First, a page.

10. Taylor Swift Reputation Tour, Gillette Stadium, Foxborough, Mass., July 27, 2018: Wi-Fi: 9.76 TB
11. Minnesota Vikings vs. Philadelphia Eagles, NFC Championship Game, Lincoln Financial Field, Philadelphia, Pa., Jan. 21, 2018: Wi-Fi: 8.76 TB
12. Jacksonville Jaguars vs. New England Patriots, AFC Championship Game, Gillette Stadium, Foxborough, Mass., Jan. 21, 2018: Wi-Fi: 8.53 TB
13. Taylor Swift Reputation Tour, Broncos Stadium at Mile High, May 25, 2018: Wi-Fi: 8.1 TB
14. Kansas City Chiefs vs. New England Patriots, Gillette Stadium, Foxborough, Mass., Sept. 7, 2017: Wi-Fi: 8.08 TB
15. SEC Championship Game, Alabama vs. Georgia, Mercedes-Benz Stadium, Atlanta, Ga., Dec. 1, 2018: Wi-Fi: 8.06 TB*
16. Green Bay Packers vs. Dallas Cowboys, Divisional Playoffs, AT&T Stadium, Arlington, Texas, Jan. 15, 2017: Wi-Fi: 7.25 TB
17. Stanford vs. Notre Dame, Notre Dame Stadium, South Bend, Ind., Sept. 29, 2018: 7.19 TB
18. (tie) Southern California vs. Notre Dame, Notre Dame Stadium, South Bend, Ind., Oct. 21, 2017: 7.0 TB
Arkansas State vs. Nebraska, Memorial Stadium, Lincoln, Neb., Sept 2, 2017: Wi-Fi: 7.0 TB
19. WrestleMania 32, AT&T Stadium, Arlington, Texas, April 3, 2016: Wi-Fi: 6.77 TB
20. Wisconsin vs. Nebraska, Memorial Stadium, Lincoln, Neb., Oct. 7, 2017: Wi-Fi: 6.3 TB
21. Super Bowl 49, University of Phoenix Stadium, Glendale, Ariz., Feb. 1, 2015: Wi-Fi: 6.23 TB

* = pending official exact data

WaitTime arrives at Sydney Cricket Ground

WaitTime monitor at Sydney Cricket Ground. Credit: WaitTime

Monitors powered by WaitTime showing fans how much time they might spend getting concessions are now live at the Sydney Cricket Ground in Australia, another big deal for the fan-services startup.

With 59 dedicated monitors positioned around the 46,000-seat venue in Moor Park, Australia, WaitTime can let fans know in real time how long it might take them to get something from a nearby concession stand, with left-or-right pointers showing them the way.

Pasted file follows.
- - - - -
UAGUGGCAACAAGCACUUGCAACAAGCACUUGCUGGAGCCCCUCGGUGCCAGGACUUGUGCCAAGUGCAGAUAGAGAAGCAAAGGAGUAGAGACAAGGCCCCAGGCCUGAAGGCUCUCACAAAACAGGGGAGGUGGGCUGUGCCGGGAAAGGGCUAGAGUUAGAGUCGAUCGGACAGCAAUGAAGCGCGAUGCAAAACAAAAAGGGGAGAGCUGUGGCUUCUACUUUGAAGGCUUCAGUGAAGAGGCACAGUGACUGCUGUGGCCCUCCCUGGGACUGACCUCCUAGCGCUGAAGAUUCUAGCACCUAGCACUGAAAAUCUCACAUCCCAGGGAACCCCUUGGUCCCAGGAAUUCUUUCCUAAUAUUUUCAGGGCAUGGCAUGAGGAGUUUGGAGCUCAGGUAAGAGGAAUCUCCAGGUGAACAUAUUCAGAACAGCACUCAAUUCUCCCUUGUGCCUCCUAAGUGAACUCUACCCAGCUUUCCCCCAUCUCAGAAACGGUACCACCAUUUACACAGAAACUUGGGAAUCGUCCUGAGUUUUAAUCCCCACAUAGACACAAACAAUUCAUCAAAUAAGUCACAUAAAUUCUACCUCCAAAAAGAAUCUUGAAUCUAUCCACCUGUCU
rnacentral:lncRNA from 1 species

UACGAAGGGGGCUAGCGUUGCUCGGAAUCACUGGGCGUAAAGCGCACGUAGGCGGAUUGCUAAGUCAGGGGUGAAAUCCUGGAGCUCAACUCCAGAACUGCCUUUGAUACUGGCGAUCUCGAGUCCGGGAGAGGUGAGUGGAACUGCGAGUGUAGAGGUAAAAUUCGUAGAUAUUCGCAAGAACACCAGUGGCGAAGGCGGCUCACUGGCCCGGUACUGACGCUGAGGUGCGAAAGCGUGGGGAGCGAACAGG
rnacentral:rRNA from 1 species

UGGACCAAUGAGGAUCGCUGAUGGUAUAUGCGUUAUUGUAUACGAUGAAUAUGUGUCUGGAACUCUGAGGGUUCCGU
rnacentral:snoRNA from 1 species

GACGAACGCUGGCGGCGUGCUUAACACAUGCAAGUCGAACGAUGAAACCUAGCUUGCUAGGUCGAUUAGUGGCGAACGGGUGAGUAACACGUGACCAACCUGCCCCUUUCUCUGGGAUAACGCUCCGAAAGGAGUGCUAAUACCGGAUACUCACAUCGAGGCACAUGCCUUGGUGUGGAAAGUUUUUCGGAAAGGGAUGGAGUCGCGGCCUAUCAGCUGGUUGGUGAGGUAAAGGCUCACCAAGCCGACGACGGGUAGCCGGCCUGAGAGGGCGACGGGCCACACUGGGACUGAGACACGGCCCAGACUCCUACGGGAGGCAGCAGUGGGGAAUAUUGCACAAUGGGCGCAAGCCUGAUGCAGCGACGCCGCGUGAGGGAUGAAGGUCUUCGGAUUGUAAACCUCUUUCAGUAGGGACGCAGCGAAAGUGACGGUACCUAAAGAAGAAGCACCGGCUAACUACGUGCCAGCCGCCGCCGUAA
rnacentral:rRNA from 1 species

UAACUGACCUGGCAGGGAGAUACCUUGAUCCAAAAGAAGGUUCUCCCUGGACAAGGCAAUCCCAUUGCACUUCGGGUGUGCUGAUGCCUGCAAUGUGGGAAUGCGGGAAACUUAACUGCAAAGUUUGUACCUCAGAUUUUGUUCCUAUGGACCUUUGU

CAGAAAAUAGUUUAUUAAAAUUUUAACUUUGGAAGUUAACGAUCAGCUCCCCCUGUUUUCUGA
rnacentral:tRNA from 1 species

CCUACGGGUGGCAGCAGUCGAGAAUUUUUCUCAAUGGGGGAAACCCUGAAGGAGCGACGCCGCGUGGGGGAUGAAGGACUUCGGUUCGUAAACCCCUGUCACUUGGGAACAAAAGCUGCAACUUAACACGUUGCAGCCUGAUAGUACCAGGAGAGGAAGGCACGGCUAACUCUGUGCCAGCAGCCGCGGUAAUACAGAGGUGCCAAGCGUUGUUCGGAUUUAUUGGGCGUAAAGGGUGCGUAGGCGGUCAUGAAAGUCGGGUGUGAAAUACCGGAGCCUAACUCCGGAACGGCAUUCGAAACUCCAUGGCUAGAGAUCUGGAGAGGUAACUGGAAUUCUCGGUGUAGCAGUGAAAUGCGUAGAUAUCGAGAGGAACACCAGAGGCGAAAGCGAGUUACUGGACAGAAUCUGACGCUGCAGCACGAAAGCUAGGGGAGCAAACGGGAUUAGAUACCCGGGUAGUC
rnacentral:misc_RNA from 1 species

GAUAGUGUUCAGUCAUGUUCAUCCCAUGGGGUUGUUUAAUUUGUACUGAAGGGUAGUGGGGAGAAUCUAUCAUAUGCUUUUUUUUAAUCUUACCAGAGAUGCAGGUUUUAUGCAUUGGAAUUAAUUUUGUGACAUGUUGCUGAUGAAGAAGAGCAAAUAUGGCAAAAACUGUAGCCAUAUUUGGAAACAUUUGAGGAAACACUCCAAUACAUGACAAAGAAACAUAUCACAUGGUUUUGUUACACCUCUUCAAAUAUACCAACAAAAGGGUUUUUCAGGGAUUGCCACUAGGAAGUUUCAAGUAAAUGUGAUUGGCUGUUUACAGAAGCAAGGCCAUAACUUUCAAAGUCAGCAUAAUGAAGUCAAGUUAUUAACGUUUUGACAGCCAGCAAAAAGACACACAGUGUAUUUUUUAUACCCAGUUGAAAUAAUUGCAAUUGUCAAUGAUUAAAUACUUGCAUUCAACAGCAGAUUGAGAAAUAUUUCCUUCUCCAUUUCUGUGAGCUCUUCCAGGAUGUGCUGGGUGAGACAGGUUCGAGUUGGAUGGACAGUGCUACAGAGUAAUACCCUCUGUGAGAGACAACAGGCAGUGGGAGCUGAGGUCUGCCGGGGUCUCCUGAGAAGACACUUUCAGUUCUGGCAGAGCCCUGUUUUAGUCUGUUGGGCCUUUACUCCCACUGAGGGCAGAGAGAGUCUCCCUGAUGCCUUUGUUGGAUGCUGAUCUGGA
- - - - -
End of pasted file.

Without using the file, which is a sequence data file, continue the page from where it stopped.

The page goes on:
While the deal itself is another solid customer win for the Detroit-based startup, WaitTime CEO Zachary Klima said the Sydney Cricket Ground deal was significant from another standpoint, as it was the first done in conjunction with stadium technology giant Cisco and its Cisco Vision IPTV display management system.

According to Klima, the Cisco Vision system can be used at Sydney Cricket Ground to administer the WaitTime displays, which exclusively show WaitTime content. “This is our most significant partner,” Klima said of Cisco, calling it a potential “tipping point” for the company as it attempts to bring its display application to more venues.

By using its now-patented system of cameras mounted near concession stands and artificial-intelligence software to help parse the camera information, WaitTime can provide real-time information mainly on the length of lines at stands, so fans can decide the best way to use their concourse time. Originally planned as a mobile-only application, WaitTime has found growing acceptance for its monitor-based systems, including at American Airlines Arena, home of the Miami Heat. Klima said the WaitTime service will be added to the Sydney Cricket Ground app in the near future, but the monitors went live at the end of May.

Rendering of what the monitors at Sydney Cricket Ground might look like

Federated Wireless completes ESC network for CBRS

One of the coastal sensors deployed in Federated Wireless’ ESC network. Credit: Federated Wireless

Federated Wireless announced Monday the completion of its environmental sensing capability (ESC) network, in what may be one of the final stepping stones toward commercial deployments of networks in the CBRS band.

Under the unique shared-spectrum licensing structure of the CBRS (Citizens Broadband Radio Service) band, a swath of 150 MHz in the 3.5 GHz range, an ESC network must be in place to sense when U.S. Navy ships are using the band. What Federated is announcing Monday is that its ESC network is ready to go, one of the final things needed before commercial customers of Federated’s products and services would be able to formally start operating their networks.

Though the Federated ESC network is still pending final FCC approval, Federated president and CEO Iyad Tarazi said in a phone interview that the company “expects to get the green light [from the FCC] in June,” with the commercial customer launches following soon behind. Federated, a pure-CBRS startup with $75 million in funding, also offers Spectrum Access Services (SAS), another part of the CBRS puzzle to help ensure that any network operators who want to play in the shared-space sandbox that is CBRS are only using spectrum chunks that are free of any higher-priority traffic.